Consistent with this guidance, the Commonwealth Statement will outline how COVID-19 has impacted the Government’s supply chains and response to modern slavery. The Commonwealth Statement will also explain the steps taken by the Government to ensure it considered and addressed new or increased modern slavery risk factors linked to the pandemic. 

What content will the Commonwealth Statement include

The Commonwealth Statement will focus on key areas of modern slavery risk across the full range of Commonwealth Government procurement and investments, irrespective of the quantum or duration of the procurement or investment activity.

The Commonwealth Statement will be presented in PDF form and will address the seven mandatory criteria for content set out in the Act at a whole-of-government level.

The text below sets out key content the Government will include in the Commonwealth Statement to report against each of these mandatory criteria.

Mandatory criteria 1 and 2: Identify the reporting entity and describe its structure, operations and supply chains

In response to Mandatory criteria 1 and 2, the Commonwealth Statement will include an overview of the structure of the Commonwealth. It will also provide a general outline and statistical information about the quantum and focus of Commonwealth procurement and investment activities during the reporting period.

Mandatory criteria 3: Describe the risks of modern slavery practices in the operations and supply chains of the reporting entity

In response to Mandatory criteria 3, the Commonwealth Statement will describe the general risk areas for modern slavery in the Commonwealth’s supply chains and operations, including its investment activity. The Commonwealth Statement will also explain how COVID-19 may have increased modern slavery risks in some parts of the Government’s supply chains. In this context, modern slavery risk means the risk of harm to people, and not the risk of damage or harm to the Commonwealth.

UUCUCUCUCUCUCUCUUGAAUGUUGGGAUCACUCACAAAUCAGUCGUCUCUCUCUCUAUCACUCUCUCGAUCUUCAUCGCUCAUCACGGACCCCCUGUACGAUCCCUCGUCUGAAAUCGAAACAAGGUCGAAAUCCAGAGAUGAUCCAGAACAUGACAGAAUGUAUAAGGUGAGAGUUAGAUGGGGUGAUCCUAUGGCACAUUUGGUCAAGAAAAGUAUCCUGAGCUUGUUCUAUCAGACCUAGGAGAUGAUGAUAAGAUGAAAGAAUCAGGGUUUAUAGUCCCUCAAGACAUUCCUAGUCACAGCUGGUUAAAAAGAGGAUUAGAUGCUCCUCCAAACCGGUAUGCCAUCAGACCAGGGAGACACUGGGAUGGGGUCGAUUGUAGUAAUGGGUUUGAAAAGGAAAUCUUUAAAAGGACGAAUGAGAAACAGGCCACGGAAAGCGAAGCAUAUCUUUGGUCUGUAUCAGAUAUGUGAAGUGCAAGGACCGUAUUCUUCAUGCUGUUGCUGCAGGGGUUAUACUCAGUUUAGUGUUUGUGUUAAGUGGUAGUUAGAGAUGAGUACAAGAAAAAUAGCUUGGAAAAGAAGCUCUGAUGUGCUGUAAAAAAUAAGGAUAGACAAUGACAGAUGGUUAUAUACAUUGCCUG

To determine these risk areas, this section will refer to the specific known risk factors outlined in the Government’s guidance for reporting entities. These include risks relating to particular geographic locations, sectors and industries, products and services, and entities. 

This section will also outline how the Government is taking a targeted, risk-based approach to assessing and addressing modern slavery risks in its supply chains. This approach is consistent with the UN Guiding Principles on Business and Human Rights and means that the Government will focus its actions to address modern slavery risks on the highest risk areas.

These priority risk areas will include textiles procurement, construction, cleaning services and investment activity. This section will also acknowledge other potential lower priority risks, and outline the Government’s plan for focusing on these risks in future.

Mandatory criteria 4: Describe the actions taken by the reporting entity to assess and address modern slavery risks 

In response to Mandatory criteria 4, the Commonwealth Statement will outline the actions the Government has taken over the reporting period to assess and address modern slavery risks.

This will include a range of overarching whole-of-government actions to combat modern slavery risks, such as the development of training materials for Commonwealth officers, policy commitments and contract clauses, supplier engagement activities, and procedures to respond to, and remediate, allegations of modern slavery. These procedures will prioritise the best interests of survivors or at-risk individuals. This section of the Commonwealth Statement will also explain how the Government has collaborated with experts to develop its response.